Is it really necessary for all government-issued vehicles to have flag-stands?
Right after I passed the bar exam, I used a sticker that placed the word “Advocate” on the front and back of my car. However, in May 2016, we were informed by the Dhaka Metropolitan Police (DMP) that criminals were apparently using stickers that mentioned certain professions in order to avoid police search.
The then Commissioner warned against the display of such “unauthorized labels,” and said at a press briefing that the “vehicles have extra stickers that say police, journalist, or lawyer … why is that? We will all abide by traffic rules. There is no need for these stickers.”
The police directive
It looks as though that the directive is actually being followed, and I have personally had to remove the label from my own vehicle, I honestly thought that such a regulation on the part of the police was ridiculous, since no stickers in reality should actually prevent law enforcement from stopping vehicles and/or conducting searches, provided they feel the need to, to ensure safety of the citizens.
Although the directive might have stopped lawyers and journalists from boasting, has it really had any effect on vehicles of various ministries or departments of the government? Even if we deem that government vehicles no longer use stickers, to my knowledge, almost all of their cars and SUVs have flag-stands, and I cannot possibly think of a better "label."
It is worth mentioning that the DMP has mentioned that labels authorized by organizations would be allowed.
It was encouraging to learn from a particular national daily that the cabinet is going to formulate a guideline, and once approved, the government officials would be required to take prior permission before using flag-stands, stickers, monograms, and special types of sirens on their cars. But the authenticity of the news is questionable.
Regardless, quick action in this regard has actually become a crying need, given that criminals of significant stature have been reported to have illegally used flag-stands on their cars while commuting.
These cases are merely the tip of the iceberg when it comes to irregularities regarding the misuse of labels in Bangladesh.
What the law says
Regulations are clear on the use of flags: To be used by citizens solely on special occasions such as Independence or Victory Day -- in accordance to rule 4(I) of the People’s Republic of Bangladesh Flag Rules, 1972. On all other days, rule 6 (III) to (V) mentions that only the president and the prime minister, alongside the following persons would be able to use the national flag on their motor vehicles: The speaker of parliament, the chief justice, cabinet ministers, the chief whip, the deputy speaker of parliament, the leader of the opposition, and heads of diplomatic/consular missions of Bangladesh in foreign countries.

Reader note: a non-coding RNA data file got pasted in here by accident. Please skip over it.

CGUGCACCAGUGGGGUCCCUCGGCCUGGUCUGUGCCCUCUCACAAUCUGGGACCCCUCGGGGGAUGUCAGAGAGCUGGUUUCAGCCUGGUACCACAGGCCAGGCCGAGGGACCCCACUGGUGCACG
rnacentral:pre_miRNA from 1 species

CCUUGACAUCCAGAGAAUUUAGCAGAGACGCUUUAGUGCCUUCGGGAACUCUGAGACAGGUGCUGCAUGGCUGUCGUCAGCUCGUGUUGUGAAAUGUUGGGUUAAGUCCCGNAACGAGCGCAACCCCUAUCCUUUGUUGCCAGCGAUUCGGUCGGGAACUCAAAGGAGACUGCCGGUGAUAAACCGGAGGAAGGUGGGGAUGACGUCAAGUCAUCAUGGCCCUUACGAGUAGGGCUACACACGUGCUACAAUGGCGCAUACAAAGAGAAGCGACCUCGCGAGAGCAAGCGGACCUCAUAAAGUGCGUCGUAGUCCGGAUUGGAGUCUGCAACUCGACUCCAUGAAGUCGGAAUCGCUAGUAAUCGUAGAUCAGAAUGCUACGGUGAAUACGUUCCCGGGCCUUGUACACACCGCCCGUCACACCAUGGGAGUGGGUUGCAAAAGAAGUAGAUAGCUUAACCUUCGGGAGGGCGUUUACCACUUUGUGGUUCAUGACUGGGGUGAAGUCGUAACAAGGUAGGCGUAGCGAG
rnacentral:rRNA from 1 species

Also, regarding motor vehicles, the law lastly states that the ministers of state and persons accorded the status of a minister of state, deputy ministers, and those accorded with such status, only while on tour outside Dhaka, would be entitled to the privilege.
A symbol of warning
Considering the fact that only a handful of officials actually possess the authority to use the national flag while on the move, is it really necessary for most, if not all government issued vehicles, to include flag-stands?
For example, the Ministry of Road Transport and Bridges has five departments, including the BRTC, BRTA, and the Roads and Highways Department.
There is absolutely no point in every vehicle -- apart from the one used by the minister -- to have attached flag-stands, not even the ones used by the highest administrative official (secretary).
The likelihood of the minister ending up in a situation where he would urgently need to get in a subordinate’s vehicle and the national flag would need to be flown is rather low.
Why is there the need to make all government vehicles look VIP? The only reason is perhaps for us to be cautious of the movement of such royalty on the roads.
There have been enough written on the misuse of traffic rules by government vehicles in this newspaper.
But I personally believe that, provided such vehicles would not have the unnecessarily attached flag-stands, the civil servants and their chauffeurs would not have the audacity to misbehave with ordinary citizens on the roads and would adhere to the rules and regulations like the rest of us.
It is of importance that unnecessary flag-stands from all government vehicles are removed at once.
The constant misuse makes citizens feel unequal, and we certainly do not intend to bear with such unfairness as tax-payers.
Saquib Rahman is a senior lecturer in law, and the faculty advisor of the Ethics & Diversity Club of North South University.